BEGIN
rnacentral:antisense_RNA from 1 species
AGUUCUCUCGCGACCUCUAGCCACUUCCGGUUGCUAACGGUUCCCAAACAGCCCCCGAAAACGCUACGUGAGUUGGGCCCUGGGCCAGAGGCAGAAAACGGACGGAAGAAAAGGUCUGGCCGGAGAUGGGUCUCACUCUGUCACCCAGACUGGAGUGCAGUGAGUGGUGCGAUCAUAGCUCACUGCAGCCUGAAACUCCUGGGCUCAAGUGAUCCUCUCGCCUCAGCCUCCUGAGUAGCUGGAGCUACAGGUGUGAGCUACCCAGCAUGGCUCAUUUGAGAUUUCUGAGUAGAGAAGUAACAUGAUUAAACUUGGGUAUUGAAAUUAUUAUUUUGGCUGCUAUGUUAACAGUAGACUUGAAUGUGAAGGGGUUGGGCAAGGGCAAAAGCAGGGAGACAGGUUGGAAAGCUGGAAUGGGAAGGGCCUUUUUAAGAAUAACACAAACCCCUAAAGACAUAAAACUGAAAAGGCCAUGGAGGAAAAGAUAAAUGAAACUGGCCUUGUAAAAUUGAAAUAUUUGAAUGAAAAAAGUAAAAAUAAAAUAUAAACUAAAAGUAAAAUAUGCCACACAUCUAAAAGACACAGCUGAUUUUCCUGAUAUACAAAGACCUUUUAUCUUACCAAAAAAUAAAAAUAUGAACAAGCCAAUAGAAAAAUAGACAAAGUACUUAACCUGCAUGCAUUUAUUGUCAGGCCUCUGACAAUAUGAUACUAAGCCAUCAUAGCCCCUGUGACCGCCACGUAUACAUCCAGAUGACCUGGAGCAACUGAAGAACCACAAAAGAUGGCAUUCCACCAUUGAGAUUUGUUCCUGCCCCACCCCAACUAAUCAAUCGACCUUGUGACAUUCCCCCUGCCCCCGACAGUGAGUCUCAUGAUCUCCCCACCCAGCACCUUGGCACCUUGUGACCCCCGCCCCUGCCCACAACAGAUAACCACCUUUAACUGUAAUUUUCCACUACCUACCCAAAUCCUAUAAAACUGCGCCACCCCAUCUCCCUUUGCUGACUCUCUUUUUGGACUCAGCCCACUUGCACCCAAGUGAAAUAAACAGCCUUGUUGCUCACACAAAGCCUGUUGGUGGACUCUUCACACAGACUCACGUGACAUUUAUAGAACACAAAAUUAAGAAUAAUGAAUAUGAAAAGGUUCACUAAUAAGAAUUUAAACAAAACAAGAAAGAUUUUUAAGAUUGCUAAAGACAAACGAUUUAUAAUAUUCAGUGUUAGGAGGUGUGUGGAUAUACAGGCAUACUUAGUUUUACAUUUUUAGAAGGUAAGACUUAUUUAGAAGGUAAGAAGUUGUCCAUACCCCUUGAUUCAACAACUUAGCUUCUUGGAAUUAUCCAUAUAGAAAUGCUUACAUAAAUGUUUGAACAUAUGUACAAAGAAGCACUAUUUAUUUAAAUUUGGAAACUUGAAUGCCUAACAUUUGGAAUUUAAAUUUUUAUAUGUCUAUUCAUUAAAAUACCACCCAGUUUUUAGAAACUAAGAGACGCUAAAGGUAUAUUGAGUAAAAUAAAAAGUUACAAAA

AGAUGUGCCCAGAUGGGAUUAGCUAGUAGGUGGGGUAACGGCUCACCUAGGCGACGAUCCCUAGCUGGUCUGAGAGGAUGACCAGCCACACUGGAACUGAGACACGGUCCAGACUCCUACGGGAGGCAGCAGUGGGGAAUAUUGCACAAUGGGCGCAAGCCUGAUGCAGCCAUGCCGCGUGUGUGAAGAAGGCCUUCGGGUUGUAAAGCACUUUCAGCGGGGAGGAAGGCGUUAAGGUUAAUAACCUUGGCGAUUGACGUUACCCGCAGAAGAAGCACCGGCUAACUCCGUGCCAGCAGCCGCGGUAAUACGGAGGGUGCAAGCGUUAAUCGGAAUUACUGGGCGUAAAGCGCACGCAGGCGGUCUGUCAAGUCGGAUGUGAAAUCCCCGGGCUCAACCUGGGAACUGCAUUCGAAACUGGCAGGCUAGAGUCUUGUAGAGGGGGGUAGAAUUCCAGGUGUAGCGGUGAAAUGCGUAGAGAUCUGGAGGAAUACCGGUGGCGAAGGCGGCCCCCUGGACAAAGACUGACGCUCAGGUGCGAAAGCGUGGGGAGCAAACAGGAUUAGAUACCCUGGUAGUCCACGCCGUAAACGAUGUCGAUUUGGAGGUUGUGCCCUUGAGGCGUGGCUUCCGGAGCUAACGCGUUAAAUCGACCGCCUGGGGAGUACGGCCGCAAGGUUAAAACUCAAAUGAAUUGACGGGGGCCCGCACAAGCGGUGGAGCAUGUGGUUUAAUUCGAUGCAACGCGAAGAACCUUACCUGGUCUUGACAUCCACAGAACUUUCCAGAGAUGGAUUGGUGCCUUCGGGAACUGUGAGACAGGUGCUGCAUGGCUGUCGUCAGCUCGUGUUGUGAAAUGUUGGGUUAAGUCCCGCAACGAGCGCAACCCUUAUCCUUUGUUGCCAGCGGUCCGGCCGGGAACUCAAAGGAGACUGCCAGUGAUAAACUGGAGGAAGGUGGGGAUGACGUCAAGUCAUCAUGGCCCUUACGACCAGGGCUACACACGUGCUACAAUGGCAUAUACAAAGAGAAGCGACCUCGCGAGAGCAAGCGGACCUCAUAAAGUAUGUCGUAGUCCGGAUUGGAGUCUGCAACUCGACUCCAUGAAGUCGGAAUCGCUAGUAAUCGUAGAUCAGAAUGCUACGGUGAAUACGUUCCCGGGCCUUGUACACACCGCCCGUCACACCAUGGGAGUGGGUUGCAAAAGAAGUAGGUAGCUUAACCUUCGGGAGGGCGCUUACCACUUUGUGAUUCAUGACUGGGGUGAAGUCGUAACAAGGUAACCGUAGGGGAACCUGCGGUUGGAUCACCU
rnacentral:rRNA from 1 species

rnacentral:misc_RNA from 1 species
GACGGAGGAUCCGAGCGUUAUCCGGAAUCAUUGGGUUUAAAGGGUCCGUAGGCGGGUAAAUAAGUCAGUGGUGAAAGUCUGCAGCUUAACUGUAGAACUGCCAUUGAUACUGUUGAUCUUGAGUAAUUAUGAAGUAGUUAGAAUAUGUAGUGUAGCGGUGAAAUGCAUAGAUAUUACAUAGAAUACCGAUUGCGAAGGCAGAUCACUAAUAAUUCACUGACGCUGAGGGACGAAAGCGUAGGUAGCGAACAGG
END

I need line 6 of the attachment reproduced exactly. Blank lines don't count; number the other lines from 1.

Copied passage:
GACGGAGGAUCCGAGCGUUAUCCGGAAUCAUUGGGUUUAAAGGGUCCGUAGGCGGGUAAAUAAGUCAGUGGUGAAAGUCUGCAGCUUAACUGUAGAACUGCCAUUGAUACUGUUGAUCUUGAGUAAUUAUGAAGUAGUUAGAAUAUGUAGUGUAGCGGUGAAAUGCAUAGAUAUUACAUAGAAUACCGAUUGCGAAGGCAGAUCACUAAUAAUUCACUGACGCUGAGGGACGAAAGCGUAGGUAGCGAACAGG